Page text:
Apart from expression-based approaches, the genomic context of lncRNAs is frequently studied in order to elucidate their functions. An important localized regulatory mechanism through which lncRNAs may affect the expression of nearby protein-coding genes has been confirmed (42,43). For example, lncRNA-Evf2, generated from the homeobox protein Dlx-5/6 ultra conserved region, is able to act concurrently with the transcription factor Dlx2 to increase the transcriptional activity of the Dlx-5/6 enhancer in a target- and homeodomain-specific manner (43). Studying the nearby coding mRNAs may enhance the understanding of the function and potential regulatory mechanisms of lncRNAs. In the present study, 132 differentially-expressed lncRNAs and their nearby coding mRNA pairs were identified. The 132 differentially-expressed mRNAs were involved in the significant biological processes of the cell cycle, nervous system development and response to growth factors, or in the signaling pathways of chronic myeloid leukemia, protein digestion and absorption, and control of gene expression by vitamin D receptor. In particular, the vitamin D receptor pathway is associated with osteogenic development (44). Certain deregulated lncRNAs were more likely to affect osteoblast function by acting on their nearby osteoblast-associated mRNAs. Notably, 15 of the nearby mRNAs have been previously reported to be involved in osteoblast development. The corresponding 17 lncRNAs are therefore important candidates for examining the function of lncRNAs in osteoblast development.

To identify the most likely functional lncRNAs, degree centrality within the co-expression network was considered. Larger degree centrality values indicate an increased possibility of a regulatory role. Therefore, the lncRNAs NONMMUT044983, NONMMUT018832 and NONMMUT023474 were screened out via degree centrality at the forefront. According to the degree of functional association and similarity between co-expression genes, it may be possible to infer the potential function of these lncRNAs from their co-expressed genes, although GO analysis was not feasible due to the insufficient sample size. Alternative analyses of the functions of the three lncRNAs focused on the nearby genes. Their nearby coding mRNAs exhibited an association with osteoblast development, according to previous literature. Ptbp2 regulates the mutually exclusive exons 8a and 8 in the CaV1.2 calcium channel transcript (25), and the latter serves fundamental roles in cellular responses to external stimuli, including mechanical forces and hormonal signals, in osteoblastic lineage bone cells (45,46). Tnpo1 is able to facilitate the nuclear translocation of oxytocin receptors and result in osteoblast maturation. The knockdown of Tnpo1 may abrogate the oxytocin-induced expression of osteoblast differentiation genes Osx, cyclic AMP-dependent transcription factor Atf4 and osteocalcin (35). In addition, it has been reported that conditional ablation of Ext1 may lead to dysregulation of BMP signaling and severe skeletal defects (36). Microarray and RT-qPCR analyses suggested that the expression of the three lncRNAs and their nearby genes were significantly decreased under simulated microgravity. Therefore, it was hypothesized that downregulation of these lncRNAs may abrogate the expression of their nearby osteoblast-associated genes and result in inhibited osteogenesis under simulated microgravity. Future studies are required to investigate the potential regulatory mechanisms.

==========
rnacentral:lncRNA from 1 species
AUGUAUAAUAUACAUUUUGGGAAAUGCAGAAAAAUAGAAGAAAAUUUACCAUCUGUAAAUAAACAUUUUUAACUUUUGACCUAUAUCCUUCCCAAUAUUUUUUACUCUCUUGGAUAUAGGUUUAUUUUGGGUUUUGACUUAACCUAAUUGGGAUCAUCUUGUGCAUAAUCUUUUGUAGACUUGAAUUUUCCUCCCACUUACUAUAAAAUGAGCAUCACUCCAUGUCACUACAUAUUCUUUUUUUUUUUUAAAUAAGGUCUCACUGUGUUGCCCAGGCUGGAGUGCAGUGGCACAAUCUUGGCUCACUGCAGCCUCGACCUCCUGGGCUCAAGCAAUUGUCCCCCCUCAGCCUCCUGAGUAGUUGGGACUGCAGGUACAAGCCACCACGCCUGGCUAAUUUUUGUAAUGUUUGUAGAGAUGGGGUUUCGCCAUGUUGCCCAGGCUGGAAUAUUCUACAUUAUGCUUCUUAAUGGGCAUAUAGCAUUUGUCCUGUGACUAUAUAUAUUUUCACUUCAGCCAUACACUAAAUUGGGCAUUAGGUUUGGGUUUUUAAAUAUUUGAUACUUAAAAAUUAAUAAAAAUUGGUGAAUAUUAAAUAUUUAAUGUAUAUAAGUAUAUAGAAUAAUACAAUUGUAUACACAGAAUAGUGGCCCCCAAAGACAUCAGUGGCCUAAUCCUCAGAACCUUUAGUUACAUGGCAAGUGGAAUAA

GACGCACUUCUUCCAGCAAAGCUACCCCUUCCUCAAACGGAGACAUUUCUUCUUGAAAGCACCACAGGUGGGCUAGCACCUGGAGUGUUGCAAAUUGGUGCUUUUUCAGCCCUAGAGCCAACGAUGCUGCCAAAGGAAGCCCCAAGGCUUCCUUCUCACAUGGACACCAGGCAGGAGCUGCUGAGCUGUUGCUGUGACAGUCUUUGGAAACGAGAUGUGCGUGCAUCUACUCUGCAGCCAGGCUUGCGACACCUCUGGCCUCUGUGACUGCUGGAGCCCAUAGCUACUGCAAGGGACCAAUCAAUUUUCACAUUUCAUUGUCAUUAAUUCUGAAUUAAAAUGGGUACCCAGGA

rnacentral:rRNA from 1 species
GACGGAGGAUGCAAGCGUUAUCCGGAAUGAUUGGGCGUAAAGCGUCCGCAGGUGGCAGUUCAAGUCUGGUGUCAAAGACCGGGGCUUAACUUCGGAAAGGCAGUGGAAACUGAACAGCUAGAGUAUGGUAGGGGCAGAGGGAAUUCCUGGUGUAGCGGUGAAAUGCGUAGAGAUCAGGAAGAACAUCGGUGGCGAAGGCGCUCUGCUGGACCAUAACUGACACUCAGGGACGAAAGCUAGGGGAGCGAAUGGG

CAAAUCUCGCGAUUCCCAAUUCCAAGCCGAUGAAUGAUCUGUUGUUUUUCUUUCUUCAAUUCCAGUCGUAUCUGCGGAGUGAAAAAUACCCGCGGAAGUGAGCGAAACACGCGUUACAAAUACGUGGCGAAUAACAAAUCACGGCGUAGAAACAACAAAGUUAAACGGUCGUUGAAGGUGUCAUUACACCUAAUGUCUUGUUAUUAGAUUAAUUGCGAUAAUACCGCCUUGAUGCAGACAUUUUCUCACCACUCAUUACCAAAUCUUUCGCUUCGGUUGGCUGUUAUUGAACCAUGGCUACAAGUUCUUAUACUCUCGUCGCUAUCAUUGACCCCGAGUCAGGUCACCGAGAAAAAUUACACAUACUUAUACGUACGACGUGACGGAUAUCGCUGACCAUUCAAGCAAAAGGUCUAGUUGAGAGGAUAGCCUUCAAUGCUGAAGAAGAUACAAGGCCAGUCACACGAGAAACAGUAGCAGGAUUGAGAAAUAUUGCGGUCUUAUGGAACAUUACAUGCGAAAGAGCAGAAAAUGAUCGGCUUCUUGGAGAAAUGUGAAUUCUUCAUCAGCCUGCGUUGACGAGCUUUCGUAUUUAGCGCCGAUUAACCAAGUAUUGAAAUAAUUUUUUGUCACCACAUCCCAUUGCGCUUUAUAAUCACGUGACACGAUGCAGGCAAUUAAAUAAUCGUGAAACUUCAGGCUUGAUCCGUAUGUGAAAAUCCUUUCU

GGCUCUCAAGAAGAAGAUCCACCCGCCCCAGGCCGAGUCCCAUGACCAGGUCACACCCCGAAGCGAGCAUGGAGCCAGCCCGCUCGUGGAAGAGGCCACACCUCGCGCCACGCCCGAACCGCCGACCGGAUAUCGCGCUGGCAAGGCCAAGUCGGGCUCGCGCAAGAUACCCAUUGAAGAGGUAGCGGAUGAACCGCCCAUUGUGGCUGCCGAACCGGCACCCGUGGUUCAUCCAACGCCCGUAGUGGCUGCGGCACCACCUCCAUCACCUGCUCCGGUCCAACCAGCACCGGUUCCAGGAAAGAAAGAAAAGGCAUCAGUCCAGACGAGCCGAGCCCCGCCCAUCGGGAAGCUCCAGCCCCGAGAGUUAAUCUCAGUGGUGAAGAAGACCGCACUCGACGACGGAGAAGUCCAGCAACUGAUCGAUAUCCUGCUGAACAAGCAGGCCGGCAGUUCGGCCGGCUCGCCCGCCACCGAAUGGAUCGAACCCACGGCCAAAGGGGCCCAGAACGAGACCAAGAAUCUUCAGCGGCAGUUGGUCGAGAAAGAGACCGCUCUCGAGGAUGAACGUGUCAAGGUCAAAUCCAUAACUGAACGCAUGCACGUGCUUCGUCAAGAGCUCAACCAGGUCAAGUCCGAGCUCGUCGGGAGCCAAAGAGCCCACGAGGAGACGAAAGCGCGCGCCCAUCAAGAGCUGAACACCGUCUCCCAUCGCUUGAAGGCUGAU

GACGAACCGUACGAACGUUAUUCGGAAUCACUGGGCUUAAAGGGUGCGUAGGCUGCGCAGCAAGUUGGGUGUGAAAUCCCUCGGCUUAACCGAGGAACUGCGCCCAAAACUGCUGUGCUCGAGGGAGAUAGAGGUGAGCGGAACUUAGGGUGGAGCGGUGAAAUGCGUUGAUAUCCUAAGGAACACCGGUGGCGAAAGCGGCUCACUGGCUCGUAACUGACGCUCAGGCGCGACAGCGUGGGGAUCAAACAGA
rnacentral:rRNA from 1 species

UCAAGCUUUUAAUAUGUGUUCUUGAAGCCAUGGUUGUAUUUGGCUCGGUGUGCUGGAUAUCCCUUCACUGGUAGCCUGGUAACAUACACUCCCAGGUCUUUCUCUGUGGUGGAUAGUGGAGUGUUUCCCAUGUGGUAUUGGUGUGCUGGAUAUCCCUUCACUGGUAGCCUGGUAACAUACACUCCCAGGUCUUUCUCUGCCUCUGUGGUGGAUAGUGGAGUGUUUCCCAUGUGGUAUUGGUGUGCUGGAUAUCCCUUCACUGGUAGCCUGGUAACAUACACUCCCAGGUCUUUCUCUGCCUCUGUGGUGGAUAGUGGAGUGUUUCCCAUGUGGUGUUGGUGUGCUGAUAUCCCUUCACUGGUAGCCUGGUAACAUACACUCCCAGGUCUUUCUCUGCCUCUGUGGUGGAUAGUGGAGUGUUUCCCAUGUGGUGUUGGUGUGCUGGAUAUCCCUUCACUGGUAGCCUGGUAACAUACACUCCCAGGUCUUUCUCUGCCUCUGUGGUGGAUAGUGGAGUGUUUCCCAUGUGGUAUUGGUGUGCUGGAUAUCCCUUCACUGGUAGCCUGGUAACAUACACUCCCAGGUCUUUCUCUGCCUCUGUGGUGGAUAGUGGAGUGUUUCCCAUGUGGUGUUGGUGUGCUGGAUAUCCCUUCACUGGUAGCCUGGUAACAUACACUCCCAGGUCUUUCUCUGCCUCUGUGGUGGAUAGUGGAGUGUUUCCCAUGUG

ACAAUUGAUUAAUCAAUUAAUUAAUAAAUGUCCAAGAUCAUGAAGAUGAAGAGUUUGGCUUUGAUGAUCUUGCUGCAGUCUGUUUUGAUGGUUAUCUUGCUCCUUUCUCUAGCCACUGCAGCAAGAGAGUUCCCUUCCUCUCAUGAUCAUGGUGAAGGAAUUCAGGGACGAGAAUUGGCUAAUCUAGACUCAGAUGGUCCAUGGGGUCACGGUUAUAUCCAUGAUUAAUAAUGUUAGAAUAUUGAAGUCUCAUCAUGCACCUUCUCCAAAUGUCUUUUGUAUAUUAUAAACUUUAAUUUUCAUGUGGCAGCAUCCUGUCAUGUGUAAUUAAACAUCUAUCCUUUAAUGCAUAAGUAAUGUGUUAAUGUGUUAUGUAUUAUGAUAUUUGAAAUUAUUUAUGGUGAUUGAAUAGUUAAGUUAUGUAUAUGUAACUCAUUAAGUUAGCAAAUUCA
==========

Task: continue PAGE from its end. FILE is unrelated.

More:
In conclusion, 857 differentially-expressed lncRNAs were identified in the present study when the osteo-differentiating MC3T3-E1 cells were exposed to simulated microgravity. A number of potential functional lncRNAs, and the possible regulatory mechanisms through which lncRNAs may control osteoblast differentiation in a microgravity environment were predicted using bioinformatics analysis. Although further experiment studies are required to test this hypothesis, the results of the present study demonstrated that lncRNAs are novel and potent candidates for studies into the effects and mechanism of microgravity in osteoblast function.

Acknowledgements

The present study was supported by grants from the National Natural Science Foundation of China (grant nos. 31570939, 81701856, 81471815 and 31170889).

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December 2017
Volume 16 Issue 6

Print ISSN: 1791-2997
Online ISSN:1791-3004

2016 Impact Factor: 1.692
Ranked #19/128 Medicine Research and Experimental
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APA
Hu, Z., Wang, H., Wang, Y., Zhou, H., Shi, F., Zhao, J. ... Cao, X. (2017). Genome‑wide analysis and prediction of functional long noncoding RNAs in osteoblast differentiation under simulated microgravity. Molecular Medicine Reports, 16, 8180-8188. https://doi.org/10.3892/mmr.2017.7671
MLA
Hu, Z., Wang, H., Wang, Y., Zhou, H., Shi, F., Zhao, J., Zhang, S., Cao, X."Genome‑wide analysis and prediction of functional long noncoding RNAs in osteoblast differentiation under simulated microgravity". Molecular Medicine Reports 16.6 (2017): 8180-8188.
Chicago
Hu, Z., Wang, H., Wang, Y., Zhou, H., Shi, F., Zhao, J., Zhang, S., Cao, X."Genome‑wide analysis and prediction of functional long noncoding RNAs in osteoblast differentiation under simulated microgravity". Molecular Medicine Reports 16, no. 6 (2017): 8180-8188. https://doi.org/10.3892/mmr.2017.7671